Leftover solutions from preparing a canning recipe could be used to flavor some veggies that only get stored in the refrigerator. This would be similar to marinating for flavor. Not knowing each recipe and situation, I cannot give you a definite storage time for this new mixture in your refrigerator.  I would treat it as a fresh vegetable salad and consumer it within several days in most cases.  And remember, home refrigerators should keep foods at 40 degrees F or lower!

Unfortunately some of our “legacy” USDA pickling recipes, as well as those from other sources, and especially those using whole pickling cucumbers, do result in some leftover brine after filling jars. Different varieties of pickling cucumbers have varying diameters and lengths and will not always fit into canning jars to the same degree. Therefore, there are more uncertainty and variable results in issuing recommendations for general use.

Do realize that the safety of pickle recipes for home canning in boiling water will depend a great deal on the ratio of ingredients and preparation steps including piece size. And not all pickle recipes produce the same final, equilibrated, pH in the vegetable and brine. Even though safe for boiling water processing, the length of the process time needed for keeping them on the shelf at room temperature can vary depending on the actual acidity.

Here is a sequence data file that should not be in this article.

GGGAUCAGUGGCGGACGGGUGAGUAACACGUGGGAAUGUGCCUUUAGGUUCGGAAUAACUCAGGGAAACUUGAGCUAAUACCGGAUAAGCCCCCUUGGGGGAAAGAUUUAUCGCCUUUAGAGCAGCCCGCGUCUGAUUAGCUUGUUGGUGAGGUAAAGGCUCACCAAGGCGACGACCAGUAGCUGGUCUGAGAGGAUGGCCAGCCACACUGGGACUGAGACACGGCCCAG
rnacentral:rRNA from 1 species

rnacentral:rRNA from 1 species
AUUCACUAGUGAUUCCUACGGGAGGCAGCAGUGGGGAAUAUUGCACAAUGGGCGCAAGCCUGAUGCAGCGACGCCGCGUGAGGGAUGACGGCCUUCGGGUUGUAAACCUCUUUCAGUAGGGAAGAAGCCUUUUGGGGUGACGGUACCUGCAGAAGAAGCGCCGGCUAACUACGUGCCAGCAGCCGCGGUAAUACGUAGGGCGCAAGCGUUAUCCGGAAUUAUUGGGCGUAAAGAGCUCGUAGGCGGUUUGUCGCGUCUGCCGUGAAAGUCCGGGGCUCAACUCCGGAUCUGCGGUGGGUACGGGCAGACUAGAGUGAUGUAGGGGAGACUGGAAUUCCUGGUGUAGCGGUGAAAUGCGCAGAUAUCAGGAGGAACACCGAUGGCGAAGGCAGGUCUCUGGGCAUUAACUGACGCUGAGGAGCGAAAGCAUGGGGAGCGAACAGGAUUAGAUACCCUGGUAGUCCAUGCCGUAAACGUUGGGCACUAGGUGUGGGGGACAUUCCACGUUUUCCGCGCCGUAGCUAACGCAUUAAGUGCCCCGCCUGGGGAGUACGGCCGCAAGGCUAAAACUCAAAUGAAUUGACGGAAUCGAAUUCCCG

Our Pickled Products recommendations for home canning can be found at the National Center for Home Food Preservation website or in So Easy to Preserve, 6th edition, from the University of Georgia. The University of Georgia Extension also has two factsheets that can be downloaded for free, Pickled Products and Canning Relishes. Please be safe in choosing your pickling recipes for canning!

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Why do you recommend processing jams and jellies?

puttingjarinBWBUSDA and the Cooperative Extension recommend a boiling water canning process for jams and jellies even though some entrepreneurs or small batch processors are told to just fill the jar hot and close it. Why? Some other sources say processing isn’t necessary for any home canning of jams and jellies — just fill the jar hot and close it. Some others will say to invert the jar (turn it upside down) after putting the lid on, with various numbers of minutes recommended for this inverted position. Why?

A “process authority” advising someone packing jars for sale may indeed not recommend a boiling water process, but then other controls should also be specified for the particular recipe and full preparation procedure, such as a measured minimum hot fill temperature with every batch, specific acidity levels that would allow for no process with that specific product, perhaps measured and documented water activity control or degrees Brix for each batch that allows for no processing, and/or specific processing steps that would support this recommendation. Home canning recommendations for the general public have to cover a wide variety of recipes and methods of cooking the jam or jelly.